Ms Piperal says it is the interoperability of the system that is critical to ensuring transparency around data. Government departments and agencies do not have to ask one another for data because it is already available.

“Local government and the private sector can exchange data based on the same rules and laws. For example, population registry, tax registry, social security, e-health and mapping services,” she says. “You can regulate who sees what type of data. The police don’t see medical data, medics don’t see education data, just what they need to do their work.”


E-everything

This enthusiasm to finding a digital solution to social and adminstrative problems pervades every aspect of life in Estonia.

The Tiger Leap project revolutionised the way Estonians viewed technology and digital government, providing Wifi and computers to every school. Under Estonia’s education system, using the e-School platform, parents can access information about their children’s grades, timetables, attendance and homework and teachers can plan lessons and send notes to parents and students. Students can also create online portfolios of their best work.

You can apply for university online and exam results are instant and by SMS.

Ms Piperal says: The government’s mission is to make sure “services are running and available to people and that they are happy about them”.


Digital lessons for Australia

The e-Estonia Showroom has a useful list of do’s and don’ts to replicate Estonia’s success:

Do – Create a decentralised, distributed system so that all existing components can be linked and new ones can be added, no matter what platform they use
Don’t – Try to force everyone to use a centralised database or system, which won’t meet their needs and will be seen as a burden rather than a benefit
Do – Be a smart purchaser, buying the most appropriate systems developed by the private sector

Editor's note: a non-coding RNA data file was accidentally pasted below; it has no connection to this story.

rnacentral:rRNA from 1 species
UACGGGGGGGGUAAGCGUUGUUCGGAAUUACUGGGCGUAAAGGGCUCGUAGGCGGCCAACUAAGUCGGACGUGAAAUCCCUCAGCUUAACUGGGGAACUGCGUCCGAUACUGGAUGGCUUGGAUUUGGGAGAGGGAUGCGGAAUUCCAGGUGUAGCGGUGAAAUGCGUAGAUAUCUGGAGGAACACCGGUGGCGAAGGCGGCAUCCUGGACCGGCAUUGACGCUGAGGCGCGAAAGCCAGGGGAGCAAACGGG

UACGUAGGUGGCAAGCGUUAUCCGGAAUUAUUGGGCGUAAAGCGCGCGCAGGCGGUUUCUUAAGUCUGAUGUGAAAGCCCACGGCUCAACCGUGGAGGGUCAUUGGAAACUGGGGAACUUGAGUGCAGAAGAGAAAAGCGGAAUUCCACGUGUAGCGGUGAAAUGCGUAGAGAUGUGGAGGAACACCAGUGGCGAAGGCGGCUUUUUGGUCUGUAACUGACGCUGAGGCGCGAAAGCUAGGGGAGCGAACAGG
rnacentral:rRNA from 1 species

Don’t – Waste millions contracting large, slow development projects that result in inflexible systems
Do – Find systems that are already working, allowing for faster implementation
Don’t – Rely on pie-in-the-sky solutions that take time to develop and may not work

 

Of course, it may not be that simple to translate Estonia’s road to digital stardom to Australia. Estonia is much smaller geographically than Australia, being roughly the size of Denmark, and it is less populous, with around 1.3 million people to Australia’s 23 million, but it is also far less resource-rich than Australia and the country faced a tough time rebuilding and striking out alone after the collapse of the Soviet Union.

Whatever the differences between the two countries it is clear that Australia can learn valuable lessons from Estonia.

Ms Piperal says Australians should accept that the technological revolution is already here and understand that not keeping up could harm the economy.

“If the government isn’t transforming the way business is then business will either leave to find easier administration or tax systems or less bureaucratic places they can operate from. It’s a global economy.”

She says it is also important that Australian citizens get the benefit from digital government too, partly because this will help to build confidence in e-government and in a national identity card.

“There are so many people in Australia who desire simplicity in dealing with bureaucratic institutions.

“It means that the government is not spending so many resources on administration and processing. That’s old school already. It frees resources for education and social security.

“It can only be done when the service really do work that people are happy about.”

One of the biggest problems for Australians, says Piperal, is when people move, whether its health, education or address data. She says the key is to ensure interoperability between different databases.

She dipped into the MyGov portal during her Australian visit and says the system appears “pretty challenging” for Australians, particularly because they must link different data sets, rather than have the government do it for them, as is the case in Estonia.

“We would be really happy if the DTA had a closer connection with Estonia,” she says. “We are experienced in solutions that really do work and people are happy about.”

It may be a while before Australians declare themselves happy with MyGov but you never know.

 

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2 Responses to National identity card for Australians? Digital government lessons from Estonia

  1. Lynwood Bell November 2, 2016 at 4:26 am #

    I am confident that Australia … now having former UK Ambassador to Estonia, Chris Holtby in their camp … will be able to capitalize on his incredible experience and enthusiasm for e-residency! How lucky Australia is to have him !

    Wishing him and Australia well from an Anguillan e-resident, Lyn !

  2. Eligius4917 November 2, 2016 at 9:17 am #

    Well, well! Little countries can be surprising.